Note: Quite often, Cockney rhyming slang may be shortened to to the first word. This is to increase the deception factor. Examples of the shortened form are given where possible. Phrase Meaning ------ ------- abaht about Adam and Eve to beleive e.g. "I don't Adam and Eve it !!" airs and graces braces; suspenders in the US Alan Whicker's knickers, lady's underwear Ally Pally a nickname for the Alexandra Palace in Muswell Hill, North London apple pie sky apple pips lips apples and pears stairs April showers flowers arf half Artful Dodger a lodger army and navy gravy baked potatah see you later bakewell tart fart barnet fair hair Derived from the annual horse fair in Barnet North London. Barney Rubble trouble e.g. "are you in a bit of Barney ?" bar of soap dope battle cruiser boozer, pub boat race face e.g. "She's got a nice boat race!" bottle and stopper copper, policeman bottle of bear ear Brahms and Liszt pissed, drunk bricks and mortar daughter bride and groom broom bristols from "bristol city" meaning titties, breasts brown bread dead bubble and squeak a week a greek person butchers from "butchers hook" to look e.g. "have a butchers at this !" cain and abel a table Captain Cook a book cat and mouse a house ceramics, ceramic tiles piles, heamorrhoids chalfonts piles, heamorrhoids from "Chalfont St. Giles" Charlie Prescot a waistcoat china plate mate, friend e.g. "hello me old china !" cock sparrow a barrow currant bun son Daisy roots boots dickie bird word e.g. "he didn't say a dicky" dickie dirt a shirt dickory dock a clock ding dong a song dog and bone a telephone e.g. "somebody's on the dog and bone for you" Duke of Fife a knife Duke of York a fork eau de cologne a phone elephant and castle stick it up your arsehole elephant's trunk drunk engineers and stokers Brokers five-to two a jew forsyte saga lager frog and toad road German band hand Gertie Gitana banana ginger beer queer, homosexual gypsies kiss piss half an Oxford Scholar half a dollar half inch to pinch or steal Hamstead Heath teeth Harry Randle a candle hey diddle diddle fiddle hot potater a waiter irish jig wig, hairpiece Jack and Jill a Bill Jack Jones on your own e.g. "I'm on my Jack" Jack Tar a sailor Jack the Ripper a kipper jam jar a car Jimmy Riddle to piddle; to urinate Jim Skinner dinner Joanna a piano Joe Blake steak Joe soap a dope, stupid person kettle a watch (if you "watch" a kettle, it doesn't boil!) King Lear ear Lady Godiva a fiver; a five pound note Lillian Gish fish lilley and skinner dinner loaf of bread head e.g. "use your loaf !" London fog a dog Lord of the Manor a tanner; sixpence Major Stevens "evens", a betting term Marconi a pony = 25 pounds marvlus marvellous merchant banker a wanker Michaels, Michael Miles piles, hemarroids Mickey Mouse a house minces, mince pies eyes mortar and trowel a towel mutt'n jeff deaf Ned Kelly telly; television Nelson Mandela Stella Artios, a type of beer north and south mouth oak and ash cash; money Oliver Twist a fist Oxo cube the tube; the London underground railway Peckham Rye a tie pimple and blotch scotch, whiskey plates, plates of meat feet pony and trap crap pork and cheese a portuguese person pork pies, porkies lies rabbit and pork to talk rannit paw jaw, to talk too much e.g. "She's got more rabbit than Sainsbury's" raquel welch belch rats and mice dice raspberry tart a fart rob dog a money grabber rosey lea tea Richard the Third a turd (I cringe when I hear that one !) rubbadubdub pub, drinking establishment Ruby Murray a curry Ruby Murray was a singer in the 50's (??). saucepan lid kid sausage roll dole, unemployment benefit Sexton Blake a cake shell like ear Sherman Tanks yanks; americans skin and blister sister sorted a transaction is completed, usually profitably stewed prune a tune Sweeney Todd a police group called the "flying squad" tea leaf thief thruppeny bits tits, breasts tit for tat hat, short form = "tit'fer" Todd Sloane on your own e.g. "Are you on your Todd ?" Tommy Tucker supper tom tit "shit" trouble and strife wife turtle doves gloves whistle and flute suit, gentelman's attire woolly woofter a pufter, an effeminate person zeig heils piles, heamorrhoids Denominations of Money: Name Amount bob a shilling grand 1000 pounds monkey 500 pounds pony 25 pounds tanner a sixpence tenner 10 pounds tilbury a sixpence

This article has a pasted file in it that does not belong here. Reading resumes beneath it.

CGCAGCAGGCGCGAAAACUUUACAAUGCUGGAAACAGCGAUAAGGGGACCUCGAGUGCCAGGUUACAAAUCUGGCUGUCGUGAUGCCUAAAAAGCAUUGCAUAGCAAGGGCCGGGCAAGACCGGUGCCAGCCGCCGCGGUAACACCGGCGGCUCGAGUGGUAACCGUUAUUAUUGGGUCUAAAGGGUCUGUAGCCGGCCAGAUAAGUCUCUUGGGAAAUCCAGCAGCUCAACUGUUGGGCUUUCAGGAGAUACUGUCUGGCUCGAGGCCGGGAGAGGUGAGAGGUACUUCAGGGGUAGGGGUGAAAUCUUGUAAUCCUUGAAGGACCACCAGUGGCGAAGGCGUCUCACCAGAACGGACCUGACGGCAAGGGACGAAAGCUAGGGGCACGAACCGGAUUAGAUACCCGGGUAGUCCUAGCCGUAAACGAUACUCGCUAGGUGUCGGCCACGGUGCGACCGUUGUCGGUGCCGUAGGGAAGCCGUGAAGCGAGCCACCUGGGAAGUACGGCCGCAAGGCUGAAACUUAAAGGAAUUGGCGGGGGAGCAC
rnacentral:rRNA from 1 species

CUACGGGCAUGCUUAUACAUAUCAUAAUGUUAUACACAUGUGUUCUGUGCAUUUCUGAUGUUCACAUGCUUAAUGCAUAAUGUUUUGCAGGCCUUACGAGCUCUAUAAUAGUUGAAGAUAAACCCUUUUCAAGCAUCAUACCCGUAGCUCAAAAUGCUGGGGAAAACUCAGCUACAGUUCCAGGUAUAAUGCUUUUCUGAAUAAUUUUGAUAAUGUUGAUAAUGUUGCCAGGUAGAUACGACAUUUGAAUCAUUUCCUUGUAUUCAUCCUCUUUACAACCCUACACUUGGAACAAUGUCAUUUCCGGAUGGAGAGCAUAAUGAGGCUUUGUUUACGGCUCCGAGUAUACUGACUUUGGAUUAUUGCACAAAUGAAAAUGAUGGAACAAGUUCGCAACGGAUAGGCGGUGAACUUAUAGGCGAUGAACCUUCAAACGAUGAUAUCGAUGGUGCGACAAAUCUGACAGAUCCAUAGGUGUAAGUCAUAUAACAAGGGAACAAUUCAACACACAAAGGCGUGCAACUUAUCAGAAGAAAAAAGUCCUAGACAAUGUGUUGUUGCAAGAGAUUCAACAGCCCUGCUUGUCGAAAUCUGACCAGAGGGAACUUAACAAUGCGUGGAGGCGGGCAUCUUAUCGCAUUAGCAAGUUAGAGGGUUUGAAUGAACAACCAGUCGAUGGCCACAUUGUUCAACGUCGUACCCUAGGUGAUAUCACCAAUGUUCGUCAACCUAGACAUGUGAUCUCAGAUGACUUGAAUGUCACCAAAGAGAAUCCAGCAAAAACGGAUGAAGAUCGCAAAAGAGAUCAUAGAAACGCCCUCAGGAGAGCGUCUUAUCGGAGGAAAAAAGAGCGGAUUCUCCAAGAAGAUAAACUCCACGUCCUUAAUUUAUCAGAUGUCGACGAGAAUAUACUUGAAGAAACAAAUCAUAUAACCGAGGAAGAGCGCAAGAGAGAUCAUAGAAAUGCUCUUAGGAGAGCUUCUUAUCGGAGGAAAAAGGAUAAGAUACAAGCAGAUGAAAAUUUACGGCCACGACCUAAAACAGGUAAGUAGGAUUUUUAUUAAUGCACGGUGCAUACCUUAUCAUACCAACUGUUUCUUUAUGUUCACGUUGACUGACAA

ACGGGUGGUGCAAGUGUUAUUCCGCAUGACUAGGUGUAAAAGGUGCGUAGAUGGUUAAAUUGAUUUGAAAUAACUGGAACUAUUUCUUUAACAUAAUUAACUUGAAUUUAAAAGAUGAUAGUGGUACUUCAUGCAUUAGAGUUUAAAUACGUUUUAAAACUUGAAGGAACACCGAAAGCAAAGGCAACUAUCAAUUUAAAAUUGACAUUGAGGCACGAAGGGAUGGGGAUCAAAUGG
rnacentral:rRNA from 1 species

Phrase Meaning ------ ------- bloody emmet a tourist cup't a cup of tea like a pig in a poke not very good proper job that's good where's it too then ? where is it ?